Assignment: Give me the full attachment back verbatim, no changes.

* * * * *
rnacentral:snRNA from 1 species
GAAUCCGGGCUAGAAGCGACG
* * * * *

rnacentral:snRNA from 1 species
GAAUCCGGGCUAGAAGCGACG